Volunteer Management Best Practices - How To Evaluate What You Can Work On To Be The Best Volunteer Manager or Coordinator | Track It Forward

Volunteer Management Best Practices - How To Evaluate What You Can Work On To Be The Best Volunteer Manager or Coordinator

Last updated by James McBryan on 09/08/2020

I’ve volunteered all my life, with the Humane Society, SPCA, Habitat for Humanity, Boys & Girls Club, you name it! I’ve also had many different coordinators and have my own personal thoughts about their leadership and the way they run the organization. However, I didn’t realize how difficult it really was to be a volunteer coordinator, until I became one myself. All of a sudden, I couldn’t get volunteers to track hours, to sign up for events, to communicate with me if they couldn’t make it to an event, and that was just the beginning of it. 

It was easy to find articles on the web about how to effectively manage volunteers. However, it’s something that not everyone would find easy to do. Managing volunteers is a hard job, yet rewarding. Volunteers are the backbone of your organization, so to keep them coming back, your management strategy and style are just as important to them, as the work they do. 

We are not just talking about the four R’s: Recruitment, Retention, Recognition & Resources. Yes, they are critical in this role, however, the way you treat the volunteers, the way you talk to them, and in general, the focus you put on your volunteers is so much more important than you’ve ever thought! So when it comes to volunteer management best practices, this goes deeper than just maintaining those four R’s.

One of the most important and best practices for volunteer management is self-assessment! Constantly reflect on your volunteer program and volunteer management performance to truly create the best volunteer program! 

We’ve created a self-assessment sheet that can help you see what practices of volunteer management you may need to focus on more. We will elaborate on the volunteer management best practices below, but you can download the worksheets now if you want!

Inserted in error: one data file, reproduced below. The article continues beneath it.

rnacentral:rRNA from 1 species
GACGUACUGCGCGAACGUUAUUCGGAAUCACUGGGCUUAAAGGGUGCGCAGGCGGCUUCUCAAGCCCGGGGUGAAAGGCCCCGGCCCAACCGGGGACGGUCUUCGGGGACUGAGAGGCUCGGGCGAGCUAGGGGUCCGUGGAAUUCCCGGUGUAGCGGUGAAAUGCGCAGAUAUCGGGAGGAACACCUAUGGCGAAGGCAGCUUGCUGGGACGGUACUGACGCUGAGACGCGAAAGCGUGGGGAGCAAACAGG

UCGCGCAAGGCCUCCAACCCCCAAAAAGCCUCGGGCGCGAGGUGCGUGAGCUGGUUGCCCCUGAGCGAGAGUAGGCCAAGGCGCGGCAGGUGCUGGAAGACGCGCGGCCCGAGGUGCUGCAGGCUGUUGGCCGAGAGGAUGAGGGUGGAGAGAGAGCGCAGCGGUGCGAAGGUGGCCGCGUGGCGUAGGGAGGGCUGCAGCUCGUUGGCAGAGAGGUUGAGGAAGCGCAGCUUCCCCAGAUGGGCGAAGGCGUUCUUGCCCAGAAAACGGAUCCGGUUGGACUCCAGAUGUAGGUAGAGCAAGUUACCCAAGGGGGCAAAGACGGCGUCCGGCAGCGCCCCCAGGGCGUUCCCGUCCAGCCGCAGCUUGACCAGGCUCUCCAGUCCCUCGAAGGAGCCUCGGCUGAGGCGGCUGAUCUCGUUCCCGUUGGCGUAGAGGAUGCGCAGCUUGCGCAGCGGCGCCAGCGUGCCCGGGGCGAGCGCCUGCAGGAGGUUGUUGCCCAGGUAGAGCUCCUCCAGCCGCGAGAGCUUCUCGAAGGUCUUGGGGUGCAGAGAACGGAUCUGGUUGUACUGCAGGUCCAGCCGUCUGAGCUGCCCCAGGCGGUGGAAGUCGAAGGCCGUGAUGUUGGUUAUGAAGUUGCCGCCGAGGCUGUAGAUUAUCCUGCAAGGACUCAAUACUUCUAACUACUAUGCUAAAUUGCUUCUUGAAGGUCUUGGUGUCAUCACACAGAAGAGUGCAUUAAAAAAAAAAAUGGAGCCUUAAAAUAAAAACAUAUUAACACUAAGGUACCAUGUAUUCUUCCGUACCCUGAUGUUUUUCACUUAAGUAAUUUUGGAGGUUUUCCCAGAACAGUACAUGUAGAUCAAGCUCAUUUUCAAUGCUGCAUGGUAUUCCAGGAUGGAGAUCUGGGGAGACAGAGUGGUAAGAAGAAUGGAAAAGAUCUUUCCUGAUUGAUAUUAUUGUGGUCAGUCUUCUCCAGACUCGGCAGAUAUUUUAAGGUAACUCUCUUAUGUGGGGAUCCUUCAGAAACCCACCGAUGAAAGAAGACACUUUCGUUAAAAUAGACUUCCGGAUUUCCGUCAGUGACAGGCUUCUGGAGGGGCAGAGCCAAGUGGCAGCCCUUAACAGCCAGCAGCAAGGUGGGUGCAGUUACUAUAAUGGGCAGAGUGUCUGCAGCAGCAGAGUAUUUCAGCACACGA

Volunteer Management Best Practices 

1. Volunteer Pre-assesment
2. Manager Pre-assessment
3. Combine
4. Volunteer Post-assessment
5. Manager Post-assessment
6. Combine!

The best way to identify the best practices for volunteer management in your volunteer program is to do a bit of good old pre-assessment and post-assessment. At the beginning of each year of your volunteer program, one of the best practices is to do a pre-assessment. Gather the following information: what your volunteer’s expectations of the volunteer manager are and what your expectations are for your volunteer management practices. Then, compare the two to evaluate a common ground of what you should be focusing on. These will become your volunteer management practices to focus on throughout the year. 

You can use our worksheet that we have created here for both the pre-assessment of volunteer management best practices and the post-assessment. 

Then, after you work hard on the specific practices you gathered from the pre-assessment, you do the same thing for the end of the year. Use the same worksheet or form and have your volunteers fill out how well you met their expectations, then analyze how well you think you did on the specific practices, and then gather results of what you can work on in the future! 

One of the biggest challenges in being a volunteer manager is identifying what your strengths and weaknesses are. Using a method like this one will help you identify your strengths, weaknesses, and what your volunteers think are the best practices for being a volunteer manager! 

Volunteer Management Best Practices To Evaluate 

Here are some of the best practices we have put on the evaluation worksheet to help you understand the possible things your volunteers can expect from you and what you can work on! We have broken down volunteer management best practices into the categories of onboarding, communication, volunteer recognition, and organizational setup to help place volunteer management efforts into different categories.